The Education Act 1646 was an Act of the Parliament of Scotland (1646 c.46) that ordered locally funded, Church-supervised schools to be established in every parish in Scotland. It was passed by the Parliament at St. Andrews on 2 February 1646 in the reign of Charles I, titled "Act for founding of schools in every parish."
The act reflected the current status of the ongoing Episcopalian-Presbyterian power struggle by specifying school supervision by presbyteries (the Presbyterian view; the Episcopalian view was supervision by bishops).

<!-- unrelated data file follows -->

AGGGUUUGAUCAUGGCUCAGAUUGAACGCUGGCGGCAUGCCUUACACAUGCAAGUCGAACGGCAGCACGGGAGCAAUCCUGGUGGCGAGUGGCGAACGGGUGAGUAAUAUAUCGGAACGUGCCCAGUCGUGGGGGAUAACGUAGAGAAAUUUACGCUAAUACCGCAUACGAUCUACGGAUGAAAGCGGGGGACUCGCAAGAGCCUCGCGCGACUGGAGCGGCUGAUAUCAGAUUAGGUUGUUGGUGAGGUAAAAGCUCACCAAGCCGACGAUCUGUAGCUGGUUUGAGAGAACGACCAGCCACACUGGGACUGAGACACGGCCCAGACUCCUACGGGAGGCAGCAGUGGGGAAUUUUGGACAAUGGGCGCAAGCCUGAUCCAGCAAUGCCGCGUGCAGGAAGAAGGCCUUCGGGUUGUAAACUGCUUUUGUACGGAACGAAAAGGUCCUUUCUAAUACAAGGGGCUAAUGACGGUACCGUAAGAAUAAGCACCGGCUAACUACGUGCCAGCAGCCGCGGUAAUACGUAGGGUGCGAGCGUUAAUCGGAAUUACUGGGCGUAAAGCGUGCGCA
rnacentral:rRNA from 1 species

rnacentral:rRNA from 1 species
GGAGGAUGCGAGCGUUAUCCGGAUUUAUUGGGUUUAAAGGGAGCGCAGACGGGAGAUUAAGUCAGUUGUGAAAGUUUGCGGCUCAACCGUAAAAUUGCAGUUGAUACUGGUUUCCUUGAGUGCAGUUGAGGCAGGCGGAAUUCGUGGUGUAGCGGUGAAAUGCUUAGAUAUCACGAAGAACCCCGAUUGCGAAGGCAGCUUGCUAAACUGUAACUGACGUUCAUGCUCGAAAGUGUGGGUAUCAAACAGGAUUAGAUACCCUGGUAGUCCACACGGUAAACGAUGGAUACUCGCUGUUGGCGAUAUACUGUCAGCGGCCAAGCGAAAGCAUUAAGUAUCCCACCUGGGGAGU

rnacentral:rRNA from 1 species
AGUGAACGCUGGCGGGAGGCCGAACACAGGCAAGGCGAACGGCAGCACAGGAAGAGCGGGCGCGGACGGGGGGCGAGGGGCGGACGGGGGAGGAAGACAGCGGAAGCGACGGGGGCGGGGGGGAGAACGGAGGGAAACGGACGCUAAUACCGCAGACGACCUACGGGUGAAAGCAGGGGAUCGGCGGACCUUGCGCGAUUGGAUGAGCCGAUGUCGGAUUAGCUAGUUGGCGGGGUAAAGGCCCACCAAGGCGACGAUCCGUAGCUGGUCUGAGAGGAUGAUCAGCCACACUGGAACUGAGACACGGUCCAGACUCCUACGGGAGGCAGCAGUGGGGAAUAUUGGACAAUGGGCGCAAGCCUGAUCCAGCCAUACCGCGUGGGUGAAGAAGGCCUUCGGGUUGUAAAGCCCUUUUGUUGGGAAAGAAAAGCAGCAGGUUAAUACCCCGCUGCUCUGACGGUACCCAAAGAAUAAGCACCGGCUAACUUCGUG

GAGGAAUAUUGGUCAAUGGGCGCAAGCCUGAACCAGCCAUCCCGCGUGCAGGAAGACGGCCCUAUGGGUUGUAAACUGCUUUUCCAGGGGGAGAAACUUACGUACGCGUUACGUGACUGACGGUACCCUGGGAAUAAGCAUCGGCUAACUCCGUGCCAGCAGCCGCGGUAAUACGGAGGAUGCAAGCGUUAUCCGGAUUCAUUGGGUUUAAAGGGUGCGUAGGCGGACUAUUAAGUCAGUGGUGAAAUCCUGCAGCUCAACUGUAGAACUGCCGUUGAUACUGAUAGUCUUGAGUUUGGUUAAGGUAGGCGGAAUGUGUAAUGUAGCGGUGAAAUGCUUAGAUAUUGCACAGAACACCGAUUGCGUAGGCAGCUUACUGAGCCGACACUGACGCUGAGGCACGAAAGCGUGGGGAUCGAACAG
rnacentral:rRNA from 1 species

This act had the same purpose as the Education Act 1633, which had been only partially successful because it had required the consent of those paying the tax, or of members of the congregation. That consent was not always given, but this act allowed the presbytery to ensure that it was done, and placed stiff penalties on those who did not comply. However, this act (of 1646) was passed amidst the tumult of the civil wars, and was rescinded in 1661 when the political winds shifted with the Restoration, so it never had the opportunity to become effective. It would be passed again 50 years later (Education Act of 1696), with little changed but the use of more modern (i.e. 50 years later) wording.